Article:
Partnership hopes to speed up production of key ingredient in potential COVID-19 vaccine

Volker Gerdts is the CEO of VIDO-InterVac (Photo courtesy University of Saskatchewan)

A partnership between the University of Vaccine and Infectious Disease Organization – International Vaccine Centre  (VIDO-InterVac) and the National Research Council of Canada (NRC) is hoping to speed up the development and production of a key component that could be used for a potential COVID-19 vaccine.

In a press release issued Tuesday, the two groups announced they would work together to accelerate the development of a candidate COVID-19 antigen.

An antigen is a key component of a vaccine. VIDO-InterVac has found an antigen that will be used as the main part of a possible COVID-19 vaccine. VIDO-InterVac calls it a recombinant protein antigen. Recombinant means it’s manufactured artificially as opposed to being naturally occurring, while the word protein used in this context is a description of the type of molecule the antigen is.

“An antigen is part of a vaccine. It’s part of the virus being used to stimulate the immune system,” explained VIDO-InterVac CEO and director Dr. Volker Gerdts.

“What a vaccine is, is part of a pathogen we use to stimulate an immune response. The basis of the vaccine is the antigen.”

Vaccines work by providing the immune system with a sneak peek of the virus before it can become infected. This allows the immune system to prepare antibodies so that it’s ready should it encounter the actual virus. The antigen is that normally triggers an immune response, causing your immune system to create antibodies to fight it.

The antigen identified by VIDO-InterVac has been produced at a laboratory scale. Animal studies are underway to determine it’s effectiveness.

Now, the NRC will see if it can use its proprietary mammalian cell line to develop a way to scale up the production of the antigen for future pre-clinical and clinical studies.

A cell line consists of living cells descended from a single cell, allowing for it to reproduce into a large number of cells with an identical genetic makeup. The NRC has a mammalian cell line useful in producing biologic medicines such as vaccines. The cell line has previously been used to produce other vaccines proven in clinical trials and licensed for distribution.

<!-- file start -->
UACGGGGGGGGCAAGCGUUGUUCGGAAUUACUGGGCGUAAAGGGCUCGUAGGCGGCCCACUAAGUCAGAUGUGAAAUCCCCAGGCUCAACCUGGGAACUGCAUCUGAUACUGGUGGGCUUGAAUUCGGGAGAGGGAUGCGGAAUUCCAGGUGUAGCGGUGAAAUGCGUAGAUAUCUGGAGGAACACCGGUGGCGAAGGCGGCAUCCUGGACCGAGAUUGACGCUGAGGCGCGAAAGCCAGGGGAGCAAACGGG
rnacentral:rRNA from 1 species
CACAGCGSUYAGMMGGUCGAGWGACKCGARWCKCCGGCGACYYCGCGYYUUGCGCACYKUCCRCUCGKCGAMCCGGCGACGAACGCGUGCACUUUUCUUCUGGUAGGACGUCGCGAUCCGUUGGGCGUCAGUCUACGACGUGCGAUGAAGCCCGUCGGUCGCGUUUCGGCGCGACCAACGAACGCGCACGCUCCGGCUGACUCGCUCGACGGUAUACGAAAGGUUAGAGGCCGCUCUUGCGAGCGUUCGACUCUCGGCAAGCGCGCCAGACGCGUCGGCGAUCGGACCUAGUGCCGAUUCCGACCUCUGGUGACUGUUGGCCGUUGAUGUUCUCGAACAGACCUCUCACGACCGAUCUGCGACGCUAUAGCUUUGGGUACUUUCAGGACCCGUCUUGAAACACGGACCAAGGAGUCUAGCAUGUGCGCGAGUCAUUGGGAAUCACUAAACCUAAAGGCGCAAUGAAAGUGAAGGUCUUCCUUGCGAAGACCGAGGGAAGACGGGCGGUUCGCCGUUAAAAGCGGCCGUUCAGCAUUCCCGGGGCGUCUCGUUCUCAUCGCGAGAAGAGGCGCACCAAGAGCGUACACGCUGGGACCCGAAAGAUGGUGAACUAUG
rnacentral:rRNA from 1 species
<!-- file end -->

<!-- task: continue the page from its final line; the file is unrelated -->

“What VIDO is doing is we do vaccine research and we’re testing prototype vaccine candidates in our animal models,” Gerdts said.

“As we see the responses in these animals, the next thing is to manufacture them and make sure we can produce millions. This is where (the research council) is coming in, to help us look at the production and manufacturing side of it.”

Gerdts said the research council’s cell line helps to ensure that the antigen, and by extension the vaccine, would be made the same way each time and that every vial would have the same amount of antigens with the same level of quality.

“When we make vaccines, we need to make sure it is always made the same way,” he said.

Ferrets and hamsters have been used by VIDO-Intervac in its testing. Gerdts said the ferrets have received two immunizations and were then exposed to the virus, so he’s hopeful there will be good news to share in a few days.

If that’s the case, the summer will be spent addressing the safety of the vaccine and human trials will start in the fall.

If all goes well, that could mean a viable vaccine by next spring.

VIDO-InterVac has been working on COVID-19 since January before the virus was declared a global pandemic. It was one of the first organizations in the world to develop an effective pre-clinical animal model to test medicines against COVID-19.

VIDO-InterVac is one of several national and international labs trying to work as quickly as possible to develop a vaccine.

The organization has found success in creating vaccines for other coronaviruses in the past. COVID-19 is a new, or novel, coronavirus. Other viruses in this family include SARS, MERS and several coronaviruses that have been detected in cows and pigs.

VIDO-Intervac has worked on MERS and has successfully created vaccines for coronaviruses in cows and pigs.

“There was a big outbreak in pigs just a few years ago, and we developed a vaccine in less than 18 months,” Gerdts said.

“We understand coronavirus infections, we understand what you need to have in a vaccine. All the experience working with these coronaviruses informs us in finding what the best might be for COVID-19.